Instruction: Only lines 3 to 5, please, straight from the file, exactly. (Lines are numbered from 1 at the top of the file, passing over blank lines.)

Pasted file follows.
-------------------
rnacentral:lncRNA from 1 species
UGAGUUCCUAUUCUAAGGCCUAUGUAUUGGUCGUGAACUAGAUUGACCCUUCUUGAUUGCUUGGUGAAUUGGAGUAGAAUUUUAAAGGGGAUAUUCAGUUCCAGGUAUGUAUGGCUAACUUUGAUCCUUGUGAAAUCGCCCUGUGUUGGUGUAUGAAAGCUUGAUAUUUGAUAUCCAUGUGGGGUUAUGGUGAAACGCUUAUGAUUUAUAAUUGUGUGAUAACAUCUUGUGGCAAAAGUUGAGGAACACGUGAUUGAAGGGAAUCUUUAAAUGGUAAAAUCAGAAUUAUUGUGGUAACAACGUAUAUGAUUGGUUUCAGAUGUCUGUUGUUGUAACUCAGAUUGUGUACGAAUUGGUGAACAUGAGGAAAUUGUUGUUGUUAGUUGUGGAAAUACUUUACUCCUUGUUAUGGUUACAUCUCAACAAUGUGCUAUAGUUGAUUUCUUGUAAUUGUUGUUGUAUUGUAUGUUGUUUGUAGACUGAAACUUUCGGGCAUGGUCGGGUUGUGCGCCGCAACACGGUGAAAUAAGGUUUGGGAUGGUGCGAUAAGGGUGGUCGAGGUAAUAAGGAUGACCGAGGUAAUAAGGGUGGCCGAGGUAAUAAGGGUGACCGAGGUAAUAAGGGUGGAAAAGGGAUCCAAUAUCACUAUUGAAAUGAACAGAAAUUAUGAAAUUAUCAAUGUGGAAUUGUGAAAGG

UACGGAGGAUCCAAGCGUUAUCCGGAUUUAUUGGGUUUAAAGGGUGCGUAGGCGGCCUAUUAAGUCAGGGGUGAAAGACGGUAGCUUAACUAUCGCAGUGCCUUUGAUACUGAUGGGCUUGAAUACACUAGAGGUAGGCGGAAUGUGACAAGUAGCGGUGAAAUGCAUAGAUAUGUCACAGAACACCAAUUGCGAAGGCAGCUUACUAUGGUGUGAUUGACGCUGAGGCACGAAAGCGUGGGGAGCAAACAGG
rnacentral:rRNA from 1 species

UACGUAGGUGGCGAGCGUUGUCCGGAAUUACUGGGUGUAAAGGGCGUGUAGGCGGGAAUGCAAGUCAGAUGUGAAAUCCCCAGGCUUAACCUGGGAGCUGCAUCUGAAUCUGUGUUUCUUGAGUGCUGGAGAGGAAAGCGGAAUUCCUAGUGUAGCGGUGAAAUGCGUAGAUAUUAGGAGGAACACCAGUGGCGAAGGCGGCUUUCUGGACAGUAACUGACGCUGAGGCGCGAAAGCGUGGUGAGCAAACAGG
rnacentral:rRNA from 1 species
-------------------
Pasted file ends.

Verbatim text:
UACGGAGGAUCCAAGCGUUAUCCGGAUUUAUUGGGUUUAAAGGGUGCGUAGGCGGCCUAUUAAGUCAGGGGUGAAAGACGGUAGCUUAACUAUCGCAGUGCCUUUGAUACUGAUGGGCUUGAAUACACUAGAGGUAGGCGGAAUGUGACAAGUAGCGGUGAAAUGCAUAGAUAUGUCACAGAACACCAAUUGCGAAGGCAGCUUACUAUGGUGUGAUUGACGCUGAGGCACGAAAGCGUGGGGAGCAAACAGG
rnacentral:rRNA from 1 species

UACGUAGGUGGCGAGCGUUGUCCGGAAUUACUGGGUGUAAAGGGCGUGUAGGCGGGAAUGCAAGUCAGAUGUGAAAUCCCCAGGCUUAACCUGGGAGCUGCAUCUGAAUCUGUGUUUCUUGAGUGCUGGAGAGGAAAGCGGAAUUCCUAGUGUAGCGGUGAAAUGCGUAGAUAUUAGGAGGAACACCAGUGGCGAAGGCGGCUUUCUGGACAGUAACUGACGCUGAGGCGCGAAAGCGUGGUGAGCAAACAGG